Where Did “That’s What She Said” Originate From?

Michael Scott

If you’re a fan of The Office, you’re undoubtedly familiar with the phrase “That’s What She Said,” humorously uttered by Dunder Mifflin boss Michael Scott whenever innocent statements take on a lewd or sexual connotation when taken out of context.

But have you ever wondered where this phrase originated? Its roots can be traced back to the United States in the 1970s, specifically to the first season of Saturday Night Live. However, if we venture further back in time and across the pond to England, we find its origins at the turn of the 20th century.

The English Origin: “Said The Actress To The Bishop”

The phrase’s English origin can be attributed to a Wellerism called “Said The Actress To The Bishop.” It originated in stage plays between 1901 and 1910 but didn’t appear in print until 1928 in a novel titled “Meet The Tiger” by Leslie Charteris. This novel was the third installment featuring his James Bond-esque character, The Saint.

During those days, English actresses who performed on stage often supplemented their income by engaging in prostitution. Their presence on the stage inadvertently served as advertising for their other occupation to the male audience members. Young women working as servers in the theaters, known as “Orange Girls” due to their role of serving fruit, would help arrange meetings between the actresses and audience members.

Because English actresses were perceived to have loose morals, members of the clergy would frequently spend time with them, attempting to encourage confessions of their sins. This practice became so well-known that the phrase “Said The Actress to the Bishop” became a popular quip whenever something was said that could be interpreted with sexual innuendo.

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“That’s What She Said”

The translation of the phrase to the United States is unclear, but it is believed to have been introduced by Alfred Hitchcock. He used a variation of the phrase in a test reel for his 1929 film “Blackmail.” The line “It will not come out right, as the girl said to the soldier” is often cited as the first instance of the “That’s What She Said” joke.

By the 1970s, “Said the Actress to the Bishop” had largely disappeared from popular language. The American interpretation of the phrase, “That’s What She Said,” appeared in print in the 1973 book “EgoSpeak” by Edmond Addeo and Robert Burger. The book describes it as “the cheapest shot of all” and a tired one-liner that can be used in response to any remark, no matter how innocent, by summoning a hint of double-entendre. Essentially, the authors dismiss the phrase as old and hackneyed.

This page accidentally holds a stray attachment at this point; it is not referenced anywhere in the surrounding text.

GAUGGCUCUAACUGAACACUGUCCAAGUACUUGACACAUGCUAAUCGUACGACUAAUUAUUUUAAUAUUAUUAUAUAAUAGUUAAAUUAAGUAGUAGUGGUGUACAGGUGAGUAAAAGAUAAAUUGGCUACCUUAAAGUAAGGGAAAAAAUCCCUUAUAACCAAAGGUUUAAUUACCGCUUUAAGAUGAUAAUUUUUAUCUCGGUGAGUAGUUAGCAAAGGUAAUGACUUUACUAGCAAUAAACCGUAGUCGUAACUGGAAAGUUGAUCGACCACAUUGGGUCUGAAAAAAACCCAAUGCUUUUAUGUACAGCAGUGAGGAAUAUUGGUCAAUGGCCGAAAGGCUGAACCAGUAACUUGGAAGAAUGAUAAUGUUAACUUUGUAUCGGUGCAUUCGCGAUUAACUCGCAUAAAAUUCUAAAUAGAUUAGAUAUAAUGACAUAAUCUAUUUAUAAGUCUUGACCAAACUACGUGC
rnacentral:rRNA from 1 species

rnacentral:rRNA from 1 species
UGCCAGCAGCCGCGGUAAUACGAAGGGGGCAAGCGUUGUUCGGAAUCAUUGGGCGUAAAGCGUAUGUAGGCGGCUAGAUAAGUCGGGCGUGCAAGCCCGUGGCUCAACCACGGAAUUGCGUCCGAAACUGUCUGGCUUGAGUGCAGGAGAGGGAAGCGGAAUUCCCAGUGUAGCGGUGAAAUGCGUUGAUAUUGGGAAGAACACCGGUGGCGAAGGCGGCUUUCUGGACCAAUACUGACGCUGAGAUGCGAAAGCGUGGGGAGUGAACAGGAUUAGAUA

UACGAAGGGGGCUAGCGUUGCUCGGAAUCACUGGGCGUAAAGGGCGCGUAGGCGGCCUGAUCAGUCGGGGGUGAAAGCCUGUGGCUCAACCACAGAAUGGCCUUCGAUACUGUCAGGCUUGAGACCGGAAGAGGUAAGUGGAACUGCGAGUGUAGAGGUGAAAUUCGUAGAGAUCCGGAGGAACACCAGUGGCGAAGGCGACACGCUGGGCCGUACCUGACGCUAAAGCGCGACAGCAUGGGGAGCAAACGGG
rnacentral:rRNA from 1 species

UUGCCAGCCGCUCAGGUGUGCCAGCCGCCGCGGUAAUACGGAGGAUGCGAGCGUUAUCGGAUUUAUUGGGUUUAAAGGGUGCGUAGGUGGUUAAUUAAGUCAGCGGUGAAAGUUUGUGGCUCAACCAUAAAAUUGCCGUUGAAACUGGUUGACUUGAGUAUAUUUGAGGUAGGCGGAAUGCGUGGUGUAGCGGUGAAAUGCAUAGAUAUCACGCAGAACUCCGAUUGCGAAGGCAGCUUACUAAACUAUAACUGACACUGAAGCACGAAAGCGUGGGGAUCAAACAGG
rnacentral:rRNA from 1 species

Saturday Night Live

In 1975, Chevy Chase is credited with being the first to utter the phrase “That’s What She Said” during a “Weekend Update” sketch on Saturday Night Live. The phrase remained primarily within the Saturday Night Live circles until it resurfaced in the “Wayne’s World” sketches featuring Mike Meyers and Dana Carvey. In the 1992 Wayne’s World movie, during a scene where Garth is holding a photo of model Claudia Schiffer and expresses his fatigue, Wayne responds with the iconic line, “Yeah, that’s what she said.” If you grew up in the 90s, quoting lines from Wayne’s World was practically a rite of passage.

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The Office

While the phrase gained popularity in the 90s through Wayne’s World, its connection to The Office may not be tied to Saturday Night Live. Instead, we can trace its origin back to England when Ricky Gervais created the British sitcom in 2001. Gervais’s character, David Brent, frequently used the Wellerism “Said The Actress To The Bishop.” When the series was adapted for the US, Steve Carell’s character, Michael Scott, adopted the American equivalent, “That’s What She Said.” This led to the phrase reaching its peak influence in pop culture.

And thus, the phrase “That’s What She Said” has become ingrained in our cultural lexicon. Its journey from the stages of England to the screens of America is a testament to the enduring power of humor and the interconnectedness of comedy across time and borders.

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